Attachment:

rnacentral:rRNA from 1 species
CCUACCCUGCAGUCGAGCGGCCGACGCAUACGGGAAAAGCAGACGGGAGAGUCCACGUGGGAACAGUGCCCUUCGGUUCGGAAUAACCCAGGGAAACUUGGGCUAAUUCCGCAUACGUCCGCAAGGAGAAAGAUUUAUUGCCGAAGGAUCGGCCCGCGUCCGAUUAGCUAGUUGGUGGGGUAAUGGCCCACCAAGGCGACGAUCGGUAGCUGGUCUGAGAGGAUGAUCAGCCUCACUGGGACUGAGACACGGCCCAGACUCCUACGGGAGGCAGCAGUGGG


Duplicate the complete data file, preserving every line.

rnacentral:rRNA from 1 species
CCUACCCUGCAGUCGAGCGGCCGACGCAUACGGGAAAAGCAGACGGGAGAGUCCACGUGGGAACAGUGCCCUUCGGUUCGGAAUAACCCAGGGAAACUUGGGCUAAUUCCGCAUACGUCCGCAAGGAGAAAGAUUUAUUGCCGAAGGAUCGGCCCGCGUCCGAUUAGCUAGUUGGUGGGGUAAUGGCCCACCAAGGCGACGAUCGGUAGCUGGUCUGAGAGGAUGAUCAGCCUCACUGGGACUGAGACACGGCCCAGACUCCUACGGGAGGCAGCAGUGGG